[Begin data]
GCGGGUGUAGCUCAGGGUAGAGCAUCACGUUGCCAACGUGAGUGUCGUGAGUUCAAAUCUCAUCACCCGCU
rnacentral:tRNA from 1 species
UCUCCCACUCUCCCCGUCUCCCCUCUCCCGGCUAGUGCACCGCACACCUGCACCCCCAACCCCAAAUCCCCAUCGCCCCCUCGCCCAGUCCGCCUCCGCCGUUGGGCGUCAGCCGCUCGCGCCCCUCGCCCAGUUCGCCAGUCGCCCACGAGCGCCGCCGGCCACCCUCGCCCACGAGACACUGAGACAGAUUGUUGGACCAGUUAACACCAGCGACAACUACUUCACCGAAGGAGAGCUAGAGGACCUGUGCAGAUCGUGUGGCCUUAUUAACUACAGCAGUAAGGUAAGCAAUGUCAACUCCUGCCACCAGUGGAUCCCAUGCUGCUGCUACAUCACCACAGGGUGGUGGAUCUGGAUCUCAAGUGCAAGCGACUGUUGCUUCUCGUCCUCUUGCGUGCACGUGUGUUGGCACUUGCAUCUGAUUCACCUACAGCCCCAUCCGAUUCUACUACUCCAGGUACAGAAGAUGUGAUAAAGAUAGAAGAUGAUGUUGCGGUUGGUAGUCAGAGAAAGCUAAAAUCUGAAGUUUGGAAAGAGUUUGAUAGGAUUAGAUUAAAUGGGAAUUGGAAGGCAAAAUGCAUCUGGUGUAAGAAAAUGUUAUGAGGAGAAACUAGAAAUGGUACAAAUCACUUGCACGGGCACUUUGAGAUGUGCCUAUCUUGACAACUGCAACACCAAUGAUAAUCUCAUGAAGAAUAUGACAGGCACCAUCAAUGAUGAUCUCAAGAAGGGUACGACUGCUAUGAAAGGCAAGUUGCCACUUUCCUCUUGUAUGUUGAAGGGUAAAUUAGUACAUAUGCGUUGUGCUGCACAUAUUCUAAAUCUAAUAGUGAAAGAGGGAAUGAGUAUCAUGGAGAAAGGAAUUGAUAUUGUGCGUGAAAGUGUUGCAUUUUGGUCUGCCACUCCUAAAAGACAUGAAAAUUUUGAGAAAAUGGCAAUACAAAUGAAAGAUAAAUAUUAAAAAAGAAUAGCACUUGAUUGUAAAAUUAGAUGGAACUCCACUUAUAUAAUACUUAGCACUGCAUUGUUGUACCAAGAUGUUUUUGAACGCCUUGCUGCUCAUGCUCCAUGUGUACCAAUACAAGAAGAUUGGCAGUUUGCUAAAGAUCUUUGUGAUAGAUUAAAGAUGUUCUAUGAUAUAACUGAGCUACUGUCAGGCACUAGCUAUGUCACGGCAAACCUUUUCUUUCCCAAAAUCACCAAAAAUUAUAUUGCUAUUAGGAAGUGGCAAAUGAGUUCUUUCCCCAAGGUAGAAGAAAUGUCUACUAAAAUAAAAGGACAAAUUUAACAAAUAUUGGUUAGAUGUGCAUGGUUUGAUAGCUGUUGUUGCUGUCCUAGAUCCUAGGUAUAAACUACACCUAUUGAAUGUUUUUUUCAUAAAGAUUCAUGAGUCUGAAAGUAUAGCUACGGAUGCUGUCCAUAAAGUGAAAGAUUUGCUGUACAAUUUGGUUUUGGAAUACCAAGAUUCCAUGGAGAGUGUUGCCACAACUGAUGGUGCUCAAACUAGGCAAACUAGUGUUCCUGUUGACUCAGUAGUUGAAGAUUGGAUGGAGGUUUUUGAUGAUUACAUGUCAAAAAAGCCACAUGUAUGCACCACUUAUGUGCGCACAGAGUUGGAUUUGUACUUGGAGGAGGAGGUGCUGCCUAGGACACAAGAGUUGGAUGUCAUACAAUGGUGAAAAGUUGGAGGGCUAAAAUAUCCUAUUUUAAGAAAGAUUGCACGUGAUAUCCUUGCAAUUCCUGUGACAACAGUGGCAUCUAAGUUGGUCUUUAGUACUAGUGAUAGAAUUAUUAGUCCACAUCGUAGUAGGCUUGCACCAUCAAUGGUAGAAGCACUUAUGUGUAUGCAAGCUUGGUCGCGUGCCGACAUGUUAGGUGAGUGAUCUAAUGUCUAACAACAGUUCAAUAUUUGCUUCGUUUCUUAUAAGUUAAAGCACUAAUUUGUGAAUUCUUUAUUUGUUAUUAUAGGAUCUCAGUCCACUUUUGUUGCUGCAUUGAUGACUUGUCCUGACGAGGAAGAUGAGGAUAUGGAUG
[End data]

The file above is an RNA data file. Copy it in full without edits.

GCGGGUGUAGCUCAGGGUAGAGCAUCACGUUGCCAACGUGAGUGUCGUGAGUUCAAAUCUCAUCACCCGCU
rnacentral:tRNA from 1 species
UCUCCCACUCUCCCCGUCUCCCCUCUCCCGGCUAGUGCACCGCACACCUGCACCCCCAACCCCAAAUCCCCAUCGCCCCCUCGCCCAGUCCGCCUCCGCCGUUGGGCGUCAGCCGCUCGCGCCCCUCGCCCAGUUCGCCAGUCGCCCACGAGCGCCGCCGGCCACCCUCGCCCACGAGACACUGAGACAGAUUGUUGGACCAGUUAACACCAGCGACAACUACUUCACCGAAGGAGAGCUAGAGGACCUGUGCAGAUCGUGUGGCCUUAUUAACUACAGCAGUAAGGUAAGCAAUGUCAACUCCUGCCACCAGUGGAUCCCAUGCUGCUGCUACAUCACCACAGGGUGGUGGAUCUGGAUCUCAAGUGCAAGCGACUGUUGCUUCUCGUCCUCUUGCGUGCACGUGUGUUGGCACUUGCAUCUGAUUCACCUACAGCCCCAUCCGAUUCUACUACUCCAGGUACAGAAGAUGUGAUAAAGAUAGAAGAUGAUGUUGCGGUUGGUAGUCAGAGAAAGCUAAAAUCUGAAGUUUGGAAAGAGUUUGAUAGGAUUAGAUUAAAUGGGAAUUGGAAGGCAAAAUGCAUCUGGUGUAAGAAAAUGUUAUGAGGAGAAACUAGAAAUGGUACAAAUCACUUGCACGGGCACUUUGAGAUGUGCCUAUCUUGACAACUGCAACACCAAUGAUAAUCUCAUGAAGAAUAUGACAGGCACCAUCAAUGAUGAUCUCAAGAAGGGUACGACUGCUAUGAAAGGCAAGUUGCCACUUUCCUCUUGUAUGUUGAAGGGUAAAUUAGUACAUAUGCGUUGUGCUGCACAUAUUCUAAAUCUAAUAGUGAAAGAGGGAAUGAGUAUCAUGGAGAAAGGAAUUGAUAUUGUGCGUGAAAGUGUUGCAUUUUGGUCUGCCACUCCUAAAAGACAUGAAAAUUUUGAGAAAAUGGCAAUACAAAUGAAAGAUAAAUAUUAAAAAAGAAUAGCACUUGAUUGUAAAAUUAGAUGGAACUCCACUUAUAUAAUACUUAGCACUGCAUUGUUGUACCAAGAUGUUUUUGAACGCCUUGCUGCUCAUGCUCCAUGUGUACCAAUACAAGAAGAUUGGCAGUUUGCUAAAGAUCUUUGUGAUAGAUUAAAGAUGUUCUAUGAUAUAACUGAGCUACUGUCAGGCACUAGCUAUGUCACGGCAAACCUUUUCUUUCCCAAAAUCACCAAAAAUUAUAUUGCUAUUAGGAAGUGGCAAAUGAGUUCUUUCCCCAAGGUAGAAGAAAUGUCUACUAAAAUAAAAGGACAAAUUUAACAAAUAUUGGUUAGAUGUGCAUGGUUUGAUAGCUGUUGUUGCUGUCCUAGAUCCUAGGUAUAAACUACACCUAUUGAAUGUUUUUUUCAUAAAGAUUCAUGAGUCUGAAAGUAUAGCUACGGAUGCUGUCCAUAAAGUGAAAGAUUUGCUGUACAAUUUGGUUUUGGAAUACCAAGAUUCCAUGGAGAGUGUUGCCACAACUGAUGGUGCUCAAACUAGGCAAACUAGUGUUCCUGUUGACUCAGUAGUUGAAGAUUGGAUGGAGGUUUUUGAUGAUUACAUGUCAAAAAAGCCACAUGUAUGCACCACUUAUGUGCGCACAGAGUUGGAUUUGUACUUGGAGGAGGAGGUGCUGCCUAGGACACAAGAGUUGGAUGUCAUACAAUGGUGAAAAGUUGGAGGGCUAAAAUAUCCUAUUUUAAGAAAGAUUGCACGUGAUAUCCUUGCAAUUCCUGUGACAACAGUGGCAUCUAAGUUGGUCUUUAGUACUAGUGAUAGAAUUAUUAGUCCACAUCGUAGUAGGCUUGCACCAUCAAUGGUAGAAGCACUUAUGUGUAUGCAAGCUUGGUCGCGUGCCGACAUGUUAGGUGAGUGAUCUAAUGUCUAACAACAGUUCAAUAUUUGCUUCGUUUCUUAUAAGUUAAAGCACUAAUUUGUGAAUUCUUUAUUUGUUAUUAUAGGAUCUCAGUCCACUUUUGUUGCUGCAUUGAUGACUUGUCCUGACGAGGAAGAUGAGGAUAUGGAUG